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Artists Susan Rothenberg
Susan Rothenberg Photo

Susan Rothenberg

American Painter

Movements and Styles: New Image Painting, Neo-Expressionism

Born: January 29, 1945 - Buffalo, New York, USA

Susan Rothenberg Timeline

Quotes

"[I am] trying to invent new forms to stand in for the body since I don't want to make a realist painting...I'm very aware of my body in space -shoulders, frontal positions."
Susan Rothenberg
"[The] complexities [of my art] involve perceptual and psychological memories based on real and imagined experiences...which are things that seem close to unpaintable, which is why I love painting."
Susan Rothenberg
"But I am a female painter, and certainly what I do is informed by a woman's brain. I'm not sure a person could see my work, not knowing who did it, and characterize it as a woman's. When I'm in the studio, I'm only a painter."
Susan Rothenberg
"The magic part usually frames itself in my head like a question, a phrase, like, 'What should be? What picture should be? Here.' And I don't know if I mean here in my studio, or here in this world. Sometimes, it comes up as, 'What do I want to do? What do I want to make?' But 'What should be?' is a kind of prior thought to letting an image come up. It will happen any time; it happens sometimes just thinking, 'I know what I want to do,' and then starting. I mean, I mess up the canvas as soon as I can with some sort of paint."
Susan Rothenberg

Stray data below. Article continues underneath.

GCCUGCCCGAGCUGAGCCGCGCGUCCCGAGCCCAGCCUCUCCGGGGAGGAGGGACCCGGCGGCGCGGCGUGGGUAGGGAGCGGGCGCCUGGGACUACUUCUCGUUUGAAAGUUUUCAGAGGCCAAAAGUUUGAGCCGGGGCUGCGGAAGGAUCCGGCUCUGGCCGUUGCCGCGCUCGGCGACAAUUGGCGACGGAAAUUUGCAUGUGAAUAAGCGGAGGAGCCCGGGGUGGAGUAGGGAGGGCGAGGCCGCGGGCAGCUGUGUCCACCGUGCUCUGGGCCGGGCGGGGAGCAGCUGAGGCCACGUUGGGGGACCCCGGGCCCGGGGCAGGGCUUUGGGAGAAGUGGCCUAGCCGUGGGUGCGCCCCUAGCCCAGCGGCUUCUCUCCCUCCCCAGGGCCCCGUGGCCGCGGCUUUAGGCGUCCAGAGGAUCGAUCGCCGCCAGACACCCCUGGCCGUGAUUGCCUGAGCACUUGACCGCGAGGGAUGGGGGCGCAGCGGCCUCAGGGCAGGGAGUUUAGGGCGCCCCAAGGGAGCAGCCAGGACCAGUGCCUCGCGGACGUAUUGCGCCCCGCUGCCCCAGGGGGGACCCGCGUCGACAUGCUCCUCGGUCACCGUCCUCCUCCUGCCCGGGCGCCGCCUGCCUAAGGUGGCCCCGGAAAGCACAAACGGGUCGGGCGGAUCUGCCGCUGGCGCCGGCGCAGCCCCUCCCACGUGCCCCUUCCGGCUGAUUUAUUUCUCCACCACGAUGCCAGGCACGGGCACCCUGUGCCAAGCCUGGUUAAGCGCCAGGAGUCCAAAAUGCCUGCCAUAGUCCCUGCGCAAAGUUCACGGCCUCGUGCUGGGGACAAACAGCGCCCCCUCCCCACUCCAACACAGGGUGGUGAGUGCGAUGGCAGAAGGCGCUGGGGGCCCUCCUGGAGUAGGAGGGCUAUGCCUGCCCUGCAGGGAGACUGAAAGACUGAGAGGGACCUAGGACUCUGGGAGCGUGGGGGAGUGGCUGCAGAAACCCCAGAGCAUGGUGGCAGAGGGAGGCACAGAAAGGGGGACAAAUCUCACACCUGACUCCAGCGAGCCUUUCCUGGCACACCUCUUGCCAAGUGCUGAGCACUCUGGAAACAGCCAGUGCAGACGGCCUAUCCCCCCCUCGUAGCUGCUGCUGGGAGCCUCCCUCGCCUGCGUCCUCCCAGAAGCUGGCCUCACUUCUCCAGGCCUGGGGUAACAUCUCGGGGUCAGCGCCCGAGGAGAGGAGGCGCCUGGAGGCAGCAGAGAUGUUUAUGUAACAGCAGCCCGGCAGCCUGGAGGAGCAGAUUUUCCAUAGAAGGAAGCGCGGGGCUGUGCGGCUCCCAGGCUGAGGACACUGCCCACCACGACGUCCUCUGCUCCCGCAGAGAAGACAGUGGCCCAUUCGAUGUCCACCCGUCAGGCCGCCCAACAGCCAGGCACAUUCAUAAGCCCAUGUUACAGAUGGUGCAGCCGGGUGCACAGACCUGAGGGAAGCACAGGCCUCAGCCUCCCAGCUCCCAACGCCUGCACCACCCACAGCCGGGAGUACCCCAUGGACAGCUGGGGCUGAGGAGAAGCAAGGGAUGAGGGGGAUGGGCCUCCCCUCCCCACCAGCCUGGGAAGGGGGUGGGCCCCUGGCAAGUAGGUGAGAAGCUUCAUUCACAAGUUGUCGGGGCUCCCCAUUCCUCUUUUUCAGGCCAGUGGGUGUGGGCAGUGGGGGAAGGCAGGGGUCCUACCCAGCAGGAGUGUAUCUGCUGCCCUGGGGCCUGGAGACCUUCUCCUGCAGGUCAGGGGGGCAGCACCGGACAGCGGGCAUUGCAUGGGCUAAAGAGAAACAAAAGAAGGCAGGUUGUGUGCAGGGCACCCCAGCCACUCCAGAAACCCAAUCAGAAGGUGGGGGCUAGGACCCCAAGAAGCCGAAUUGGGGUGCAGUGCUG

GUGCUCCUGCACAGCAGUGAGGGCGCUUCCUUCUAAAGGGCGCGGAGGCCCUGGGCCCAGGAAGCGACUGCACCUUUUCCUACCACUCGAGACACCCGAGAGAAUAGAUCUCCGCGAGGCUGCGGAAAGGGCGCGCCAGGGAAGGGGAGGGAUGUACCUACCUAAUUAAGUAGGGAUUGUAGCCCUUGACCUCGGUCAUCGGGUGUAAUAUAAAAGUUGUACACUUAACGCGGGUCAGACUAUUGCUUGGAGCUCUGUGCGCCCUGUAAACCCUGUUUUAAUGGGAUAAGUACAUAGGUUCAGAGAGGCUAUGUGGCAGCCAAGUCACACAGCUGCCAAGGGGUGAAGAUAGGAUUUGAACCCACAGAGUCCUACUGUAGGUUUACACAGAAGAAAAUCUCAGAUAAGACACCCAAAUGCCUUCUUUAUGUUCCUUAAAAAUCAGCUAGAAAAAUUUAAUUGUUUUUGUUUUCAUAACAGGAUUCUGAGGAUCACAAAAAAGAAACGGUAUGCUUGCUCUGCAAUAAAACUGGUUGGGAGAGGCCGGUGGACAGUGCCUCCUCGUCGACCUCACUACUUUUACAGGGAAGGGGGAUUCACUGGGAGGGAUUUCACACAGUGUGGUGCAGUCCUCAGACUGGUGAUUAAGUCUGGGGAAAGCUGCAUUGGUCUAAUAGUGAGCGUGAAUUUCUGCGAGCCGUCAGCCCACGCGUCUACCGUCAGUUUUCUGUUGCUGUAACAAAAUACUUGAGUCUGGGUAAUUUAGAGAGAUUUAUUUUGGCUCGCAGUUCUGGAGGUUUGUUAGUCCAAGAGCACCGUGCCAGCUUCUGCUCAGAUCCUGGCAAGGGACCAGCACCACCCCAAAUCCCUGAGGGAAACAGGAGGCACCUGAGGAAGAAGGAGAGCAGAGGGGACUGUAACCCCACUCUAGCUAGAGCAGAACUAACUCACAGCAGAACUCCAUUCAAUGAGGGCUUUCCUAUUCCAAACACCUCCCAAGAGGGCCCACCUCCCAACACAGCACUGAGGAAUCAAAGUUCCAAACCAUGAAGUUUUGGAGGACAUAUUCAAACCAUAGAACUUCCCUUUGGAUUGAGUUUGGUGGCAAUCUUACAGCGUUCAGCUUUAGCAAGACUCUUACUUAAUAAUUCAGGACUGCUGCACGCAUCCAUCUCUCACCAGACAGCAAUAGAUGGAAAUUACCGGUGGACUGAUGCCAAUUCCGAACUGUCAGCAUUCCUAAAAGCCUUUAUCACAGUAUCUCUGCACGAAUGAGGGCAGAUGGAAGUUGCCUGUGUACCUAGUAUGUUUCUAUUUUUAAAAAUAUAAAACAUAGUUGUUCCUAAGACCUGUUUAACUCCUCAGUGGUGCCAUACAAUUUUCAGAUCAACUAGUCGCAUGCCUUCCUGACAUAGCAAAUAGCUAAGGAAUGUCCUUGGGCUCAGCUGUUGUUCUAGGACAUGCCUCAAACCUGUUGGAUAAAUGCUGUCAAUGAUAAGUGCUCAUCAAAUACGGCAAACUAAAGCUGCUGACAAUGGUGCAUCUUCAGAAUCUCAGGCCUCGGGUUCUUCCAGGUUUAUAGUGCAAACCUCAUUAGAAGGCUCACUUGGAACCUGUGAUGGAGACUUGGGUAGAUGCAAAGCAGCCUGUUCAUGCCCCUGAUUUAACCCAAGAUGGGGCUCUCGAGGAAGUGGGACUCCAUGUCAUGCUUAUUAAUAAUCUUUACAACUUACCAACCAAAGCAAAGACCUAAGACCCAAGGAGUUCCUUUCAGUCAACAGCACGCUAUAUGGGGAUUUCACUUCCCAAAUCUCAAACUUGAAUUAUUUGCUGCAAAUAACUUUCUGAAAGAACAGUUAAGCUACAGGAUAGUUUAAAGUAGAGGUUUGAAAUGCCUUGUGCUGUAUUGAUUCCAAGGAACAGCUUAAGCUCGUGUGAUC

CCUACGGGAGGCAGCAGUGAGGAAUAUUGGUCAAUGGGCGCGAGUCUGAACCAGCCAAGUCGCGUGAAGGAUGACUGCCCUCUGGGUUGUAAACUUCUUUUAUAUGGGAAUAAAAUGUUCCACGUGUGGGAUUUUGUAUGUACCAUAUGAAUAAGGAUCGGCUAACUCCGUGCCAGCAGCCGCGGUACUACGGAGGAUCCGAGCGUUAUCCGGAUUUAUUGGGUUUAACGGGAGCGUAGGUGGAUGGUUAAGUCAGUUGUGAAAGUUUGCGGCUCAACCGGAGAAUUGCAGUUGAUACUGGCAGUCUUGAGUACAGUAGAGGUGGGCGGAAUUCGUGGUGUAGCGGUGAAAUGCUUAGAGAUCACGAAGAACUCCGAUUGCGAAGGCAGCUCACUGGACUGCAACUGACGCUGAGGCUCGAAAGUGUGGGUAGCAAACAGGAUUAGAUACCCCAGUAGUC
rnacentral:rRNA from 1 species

"And if I would use a word to define my current goals, after spending about two years trying to paint movement, light, and color, I have a desire for - diffusion is the word I want to use."
Susan Rothenberg

"I almost feel I can take the most banal subject matter and made a good painting out of it."

Synopsis

Rothenberg happened upon the subject of the horse in her paintings, not with the greatest of intent, but instead through a process of intuition. She does not claim political or social motivation in the creation of her pictures, and yet her paintings highlight the most vital urge of all, that of mark making as means to mimic and pay homage to the visible world around us. Indeed, it has often been said that Rothenberg's works are akin to giant cave paintings, and thus call upon our collective and ancestral memories. Thick layers of paint with flickers of other colors beneath also recall rich and elaborate icon paintings, and as such the artist's horse comes to represent an icon of American life. The horse is a creature - perhaps like the artist herself -tamed by human innovation but essentially wild by nature.

Having supported other artist's performances early in her career, for example those of Joan Jonas, once Rothenberg hit on the motif of the horse in the mid-1970s she became quickly well known in her own right, and particularly amongst Neo-Expressionist circles. Fatefully, when Rothenberg met fellow artist Bruce Nauman during the late 1980s he already owned a large ranch full of horses situated in the New Mexico desert. Captivated by the spiritual energy of this land, together the two artists moved there permanently and continue to live and work in the same place to this day.

Key Ideas

Rothenberg has achieved great success as an instinctive painter, holding on to a formal technique, pleasure in material, and a quest for proportional beauty in times when the pressure is always to be more political. Making colossal paintings, similar in their exquisite handling of paint to those of Agnes Martin, Rothenberg paradoxically uses size to draw our attention to the importance of quiet simplicity, to give due attention and space to relatively ordinary everyday musings.